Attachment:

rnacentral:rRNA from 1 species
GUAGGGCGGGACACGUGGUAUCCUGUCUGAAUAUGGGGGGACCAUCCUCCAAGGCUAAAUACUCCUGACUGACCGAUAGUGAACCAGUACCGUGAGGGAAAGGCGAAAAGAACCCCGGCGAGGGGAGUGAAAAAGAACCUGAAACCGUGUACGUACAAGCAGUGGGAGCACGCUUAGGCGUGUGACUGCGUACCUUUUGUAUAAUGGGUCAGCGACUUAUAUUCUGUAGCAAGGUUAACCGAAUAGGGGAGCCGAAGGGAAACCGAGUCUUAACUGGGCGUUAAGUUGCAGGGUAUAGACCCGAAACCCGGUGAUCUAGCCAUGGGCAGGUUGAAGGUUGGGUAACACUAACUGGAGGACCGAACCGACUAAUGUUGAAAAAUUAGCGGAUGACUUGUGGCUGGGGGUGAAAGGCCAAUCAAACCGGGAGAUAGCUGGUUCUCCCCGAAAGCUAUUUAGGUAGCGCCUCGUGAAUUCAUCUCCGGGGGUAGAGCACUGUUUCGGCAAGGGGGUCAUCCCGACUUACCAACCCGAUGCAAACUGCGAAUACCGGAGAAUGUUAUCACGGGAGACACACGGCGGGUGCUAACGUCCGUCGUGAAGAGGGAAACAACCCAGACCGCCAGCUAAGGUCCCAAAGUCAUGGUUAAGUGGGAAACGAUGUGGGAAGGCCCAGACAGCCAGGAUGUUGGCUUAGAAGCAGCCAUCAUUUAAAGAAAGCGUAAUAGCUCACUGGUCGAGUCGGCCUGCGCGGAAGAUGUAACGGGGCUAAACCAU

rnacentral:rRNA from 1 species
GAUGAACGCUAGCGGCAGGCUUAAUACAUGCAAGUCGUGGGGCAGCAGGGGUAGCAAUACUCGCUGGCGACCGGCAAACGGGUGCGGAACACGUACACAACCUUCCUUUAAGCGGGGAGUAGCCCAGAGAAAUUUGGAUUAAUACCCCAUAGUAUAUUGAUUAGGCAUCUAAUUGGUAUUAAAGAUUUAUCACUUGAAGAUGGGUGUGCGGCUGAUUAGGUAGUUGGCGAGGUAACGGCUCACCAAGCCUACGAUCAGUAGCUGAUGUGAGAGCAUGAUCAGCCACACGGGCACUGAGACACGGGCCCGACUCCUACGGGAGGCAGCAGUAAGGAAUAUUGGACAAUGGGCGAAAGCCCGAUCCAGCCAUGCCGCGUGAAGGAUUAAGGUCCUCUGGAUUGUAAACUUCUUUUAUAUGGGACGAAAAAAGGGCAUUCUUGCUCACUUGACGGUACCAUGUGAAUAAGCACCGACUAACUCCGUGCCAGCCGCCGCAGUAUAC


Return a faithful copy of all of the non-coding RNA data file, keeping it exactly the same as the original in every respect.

rnacentral:rRNA from 1 species
GUAGGGCGGGACACGUGGUAUCCUGUCUGAAUAUGGGGGGACCAUCCUCCAAGGCUAAAUACUCCUGACUGACCGAUAGUGAACCAGUACCGUGAGGGAAAGGCGAAAAGAACCCCGGCGAGGGGAGUGAAAAAGAACCUGAAACCGUGUACGUACAAGCAGUGGGAGCACGCUUAGGCGUGUGACUGCGUACCUUUUGUAUAAUGGGUCAGCGACUUAUAUUCUGUAGCAAGGUUAACCGAAUAGGGGAGCCGAAGGGAAACCGAGUCUUAACUGGGCGUUAAGUUGCAGGGUAUAGACCCGAAACCCGGUGAUCUAGCCAUGGGCAGGUUGAAGGUUGGGUAACACUAACUGGAGGACCGAACCGACUAAUGUUGAAAAAUUAGCGGAUGACUUGUGGCUGGGGGUGAAAGGCCAAUCAAACCGGGAGAUAGCUGGUUCUCCCCGAAAGCUAUUUAGGUAGCGCCUCGUGAAUUCAUCUCCGGGGGUAGAGCACUGUUUCGGCAAGGGGGUCAUCCCGACUUACCAACCCGAUGCAAACUGCGAAUACCGGAGAAUGUUAUCACGGGAGACACACGGCGGGUGCUAACGUCCGUCGUGAAGAGGGAAACAACCCAGACCGCCAGCUAAGGUCCCAAAGUCAUGGUUAAGUGGGAAACGAUGUGGGAAGGCCCAGACAGCCAGGAUGUUGGCUUAGAAGCAGCCAUCAUUUAAAGAAAGCGUAAUAGCUCACUGGUCGAGUCGGCCUGCGCGGAAGAUGUAACGGGGCUAAACCAU

rnacentral:rRNA from 1 species
GAUGAACGCUAGCGGCAGGCUUAAUACAUGCAAGUCGUGGGGCAGCAGGGGUAGCAAUACUCGCUGGCGACCGGCAAACGGGUGCGGAACACGUACACAACCUUCCUUUAAGCGGGGAGUAGCCCAGAGAAAUUUGGAUUAAUACCCCAUAGUAUAUUGAUUAGGCAUCUAAUUGGUAUUAAAGAUUUAUCACUUGAAGAUGGGUGUGCGGCUGAUUAGGUAGUUGGCGAGGUAACGGCUCACCAAGCCUACGAUCAGUAGCUGAUGUGAGAGCAUGAUCAGCCACACGGGCACUGAGACACGGGCCCGACUCCUACGGGAGGCAGCAGUAAGGAAUAUUGGACAAUGGGCGAAAGCCCGAUCCAGCCAUGCCGCGUGAAGGAUUAAGGUCCUCUGGAUUGUAAACUUCUUUUAUAUGGGACGAAAAAAGGGCAUUCUUGCUCACUUGACGGUACCAUGUGAAUAAGCACCGACUAACUCCGUGCCAGCCGCCGCAGUAUAC